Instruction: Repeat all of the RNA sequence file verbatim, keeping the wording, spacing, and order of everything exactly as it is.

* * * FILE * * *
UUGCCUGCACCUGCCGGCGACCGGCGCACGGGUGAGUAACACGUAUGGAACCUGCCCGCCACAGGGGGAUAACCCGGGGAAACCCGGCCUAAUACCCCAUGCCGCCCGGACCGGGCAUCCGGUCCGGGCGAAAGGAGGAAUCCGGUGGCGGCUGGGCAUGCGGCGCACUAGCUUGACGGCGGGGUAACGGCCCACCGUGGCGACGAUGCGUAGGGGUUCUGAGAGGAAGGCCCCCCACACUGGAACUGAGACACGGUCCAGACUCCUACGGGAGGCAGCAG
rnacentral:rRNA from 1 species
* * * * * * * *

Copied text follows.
UUGCCUGCACCUGCCGGCGACCGGCGCACGGGUGAGUAACACGUAUGGAACCUGCCCGCCACAGGGGGAUAACCCGGGGAAACCCGGCCUAAUACCCCAUGCCGCCCGGACCGGGCAUCCGGUCCGGGCGAAAGGAGGAAUCCGGUGGCGGCUGGGCAUGCGGCGCACUAGCUUGACGGCGGGGUAACGGCCCACCGUGGCGACGAUGCGUAGGGGUUCUGAGAGGAAGGCCCCCCACACUGGAACUGAGACACGGUCCAGACUCCUACGGGAGGCAGCAG
rnacentral:rRNA from 1 species